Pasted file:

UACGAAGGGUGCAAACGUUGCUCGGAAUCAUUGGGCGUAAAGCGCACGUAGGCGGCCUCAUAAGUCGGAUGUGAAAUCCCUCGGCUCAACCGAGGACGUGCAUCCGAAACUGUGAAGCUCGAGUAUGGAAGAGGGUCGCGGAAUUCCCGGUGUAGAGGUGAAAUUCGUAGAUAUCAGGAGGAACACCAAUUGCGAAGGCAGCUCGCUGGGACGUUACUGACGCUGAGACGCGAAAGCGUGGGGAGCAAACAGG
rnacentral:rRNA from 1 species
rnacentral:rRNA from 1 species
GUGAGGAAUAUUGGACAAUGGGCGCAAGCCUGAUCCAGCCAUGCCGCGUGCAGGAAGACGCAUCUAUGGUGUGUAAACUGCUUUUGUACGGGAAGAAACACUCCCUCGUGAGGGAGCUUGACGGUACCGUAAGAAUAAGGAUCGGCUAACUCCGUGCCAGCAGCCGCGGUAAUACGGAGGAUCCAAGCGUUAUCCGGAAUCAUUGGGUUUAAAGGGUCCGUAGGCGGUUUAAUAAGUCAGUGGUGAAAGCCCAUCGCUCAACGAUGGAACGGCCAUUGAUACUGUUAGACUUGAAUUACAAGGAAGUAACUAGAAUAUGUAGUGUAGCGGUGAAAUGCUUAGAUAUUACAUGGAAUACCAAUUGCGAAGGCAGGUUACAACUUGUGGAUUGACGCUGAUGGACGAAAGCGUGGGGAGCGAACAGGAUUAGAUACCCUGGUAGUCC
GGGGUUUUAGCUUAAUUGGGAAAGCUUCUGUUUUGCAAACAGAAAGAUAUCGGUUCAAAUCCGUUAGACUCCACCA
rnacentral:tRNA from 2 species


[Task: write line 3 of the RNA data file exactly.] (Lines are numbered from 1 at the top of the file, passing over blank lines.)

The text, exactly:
rnacentral:rRNA from 1 species